Prerequisite: U3 or U4 status or permission of the instructor

3 credits

GSS 475: Undergraduate Teaching Practicum

Work with a faculty member as assistant in a regularly scheduled course. The student must attend all classes and carry out all assignments; in addition the student will be assigned a specific role to assist in teaching the course. The student will meet with the instructor on a regular basis to discuss intellectual and pedagogical matters relating to the course.

Prerequisites: Permission of instructor and undergraduate director

SBC:     EXP+

3 credits, S/U grading

GSS 487: Geospatial Science Research

Qualified advanced undergraduates may carry out individual research projects under the direct supervision of a faculty member. Repeatable to a maximum of 3 credits.

Prerequisite: Permission of instructor

0-3 credits, S/U grading

GSS 488: Geospatial Science Internship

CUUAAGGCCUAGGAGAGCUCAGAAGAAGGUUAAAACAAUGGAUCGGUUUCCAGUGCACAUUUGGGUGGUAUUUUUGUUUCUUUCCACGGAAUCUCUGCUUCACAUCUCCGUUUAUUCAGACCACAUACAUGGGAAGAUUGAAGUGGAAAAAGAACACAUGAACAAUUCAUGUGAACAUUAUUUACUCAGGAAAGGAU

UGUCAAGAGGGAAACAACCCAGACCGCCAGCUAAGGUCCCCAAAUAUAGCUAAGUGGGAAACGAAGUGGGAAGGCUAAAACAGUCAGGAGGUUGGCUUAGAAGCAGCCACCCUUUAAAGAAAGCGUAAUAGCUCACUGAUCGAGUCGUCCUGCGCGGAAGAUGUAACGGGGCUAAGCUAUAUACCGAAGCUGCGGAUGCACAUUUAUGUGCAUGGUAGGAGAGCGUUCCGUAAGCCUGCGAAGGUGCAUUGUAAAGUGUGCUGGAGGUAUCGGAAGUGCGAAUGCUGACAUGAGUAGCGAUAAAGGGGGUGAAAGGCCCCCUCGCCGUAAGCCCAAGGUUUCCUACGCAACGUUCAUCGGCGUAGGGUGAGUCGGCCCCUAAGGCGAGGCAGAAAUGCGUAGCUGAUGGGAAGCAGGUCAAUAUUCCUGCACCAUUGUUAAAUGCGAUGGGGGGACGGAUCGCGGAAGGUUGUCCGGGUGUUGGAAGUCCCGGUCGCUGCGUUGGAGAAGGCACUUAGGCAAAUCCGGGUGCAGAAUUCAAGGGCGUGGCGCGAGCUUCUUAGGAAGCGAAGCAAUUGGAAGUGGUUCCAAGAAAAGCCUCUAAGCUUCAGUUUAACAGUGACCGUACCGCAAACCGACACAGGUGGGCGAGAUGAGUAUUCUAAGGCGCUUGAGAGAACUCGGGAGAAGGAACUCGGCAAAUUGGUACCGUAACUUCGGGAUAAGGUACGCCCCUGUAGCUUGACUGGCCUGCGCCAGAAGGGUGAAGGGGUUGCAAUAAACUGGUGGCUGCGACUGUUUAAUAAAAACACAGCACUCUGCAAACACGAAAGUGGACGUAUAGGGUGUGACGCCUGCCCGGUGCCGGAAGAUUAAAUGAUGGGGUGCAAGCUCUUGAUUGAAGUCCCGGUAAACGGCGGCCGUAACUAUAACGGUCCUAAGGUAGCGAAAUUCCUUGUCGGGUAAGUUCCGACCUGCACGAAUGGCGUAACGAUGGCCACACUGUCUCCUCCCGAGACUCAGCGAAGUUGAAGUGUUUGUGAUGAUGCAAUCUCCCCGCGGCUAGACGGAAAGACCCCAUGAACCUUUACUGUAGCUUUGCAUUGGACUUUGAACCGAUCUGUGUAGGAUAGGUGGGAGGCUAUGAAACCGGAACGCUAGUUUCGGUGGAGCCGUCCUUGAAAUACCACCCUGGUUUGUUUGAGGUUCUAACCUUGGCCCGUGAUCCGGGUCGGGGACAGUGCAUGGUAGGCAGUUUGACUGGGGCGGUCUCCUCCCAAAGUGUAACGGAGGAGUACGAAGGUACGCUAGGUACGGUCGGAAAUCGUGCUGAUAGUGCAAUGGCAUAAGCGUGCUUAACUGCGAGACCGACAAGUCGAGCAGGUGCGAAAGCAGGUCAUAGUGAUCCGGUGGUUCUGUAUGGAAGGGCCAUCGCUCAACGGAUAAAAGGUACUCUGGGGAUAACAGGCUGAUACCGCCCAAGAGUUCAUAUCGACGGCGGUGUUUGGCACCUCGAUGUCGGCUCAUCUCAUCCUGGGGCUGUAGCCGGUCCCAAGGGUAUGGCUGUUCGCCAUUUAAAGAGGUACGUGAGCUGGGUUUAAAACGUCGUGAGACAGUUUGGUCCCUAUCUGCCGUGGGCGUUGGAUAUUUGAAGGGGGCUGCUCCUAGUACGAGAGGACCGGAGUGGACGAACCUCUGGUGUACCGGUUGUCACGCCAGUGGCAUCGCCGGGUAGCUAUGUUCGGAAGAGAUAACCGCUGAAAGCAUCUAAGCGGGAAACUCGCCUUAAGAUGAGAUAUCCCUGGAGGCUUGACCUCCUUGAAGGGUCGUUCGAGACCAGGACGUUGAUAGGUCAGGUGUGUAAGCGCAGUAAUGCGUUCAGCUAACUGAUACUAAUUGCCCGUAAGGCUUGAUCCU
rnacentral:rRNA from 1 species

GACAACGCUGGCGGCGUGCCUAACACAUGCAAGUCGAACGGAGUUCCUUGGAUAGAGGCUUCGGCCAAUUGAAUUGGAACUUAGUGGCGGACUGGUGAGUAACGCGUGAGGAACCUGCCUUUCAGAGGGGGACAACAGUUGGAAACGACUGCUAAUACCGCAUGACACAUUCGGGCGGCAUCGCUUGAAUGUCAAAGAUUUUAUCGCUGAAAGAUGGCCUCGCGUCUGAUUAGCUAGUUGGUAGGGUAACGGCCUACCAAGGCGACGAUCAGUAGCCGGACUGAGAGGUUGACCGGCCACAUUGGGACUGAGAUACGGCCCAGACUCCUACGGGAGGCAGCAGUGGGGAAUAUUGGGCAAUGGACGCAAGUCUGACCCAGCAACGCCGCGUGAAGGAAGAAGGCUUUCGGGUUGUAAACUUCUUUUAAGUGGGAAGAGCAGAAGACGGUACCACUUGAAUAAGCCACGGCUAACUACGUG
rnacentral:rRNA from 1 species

The GSS Internship is designed to provide students experience in the real workplace. Interns are expected to function as a GIS/Remote Sensing professional and work within the existing host facility structure or on a free standing project. Interns will complete assigned tasks by hosting facility such as GIS data entry, data retrieval, remote sensing analysis, GPS field work, documentation, or general GIS facility duties. These activities will be monitored by both a representative of the host facility and the instructor. May be repeated to a limit of 12 credits.

Prerequisites: GSS 325; GSS 313 or GSS 317, or instructor consent

SBC:     EXP+

0-12 credits, S/U grading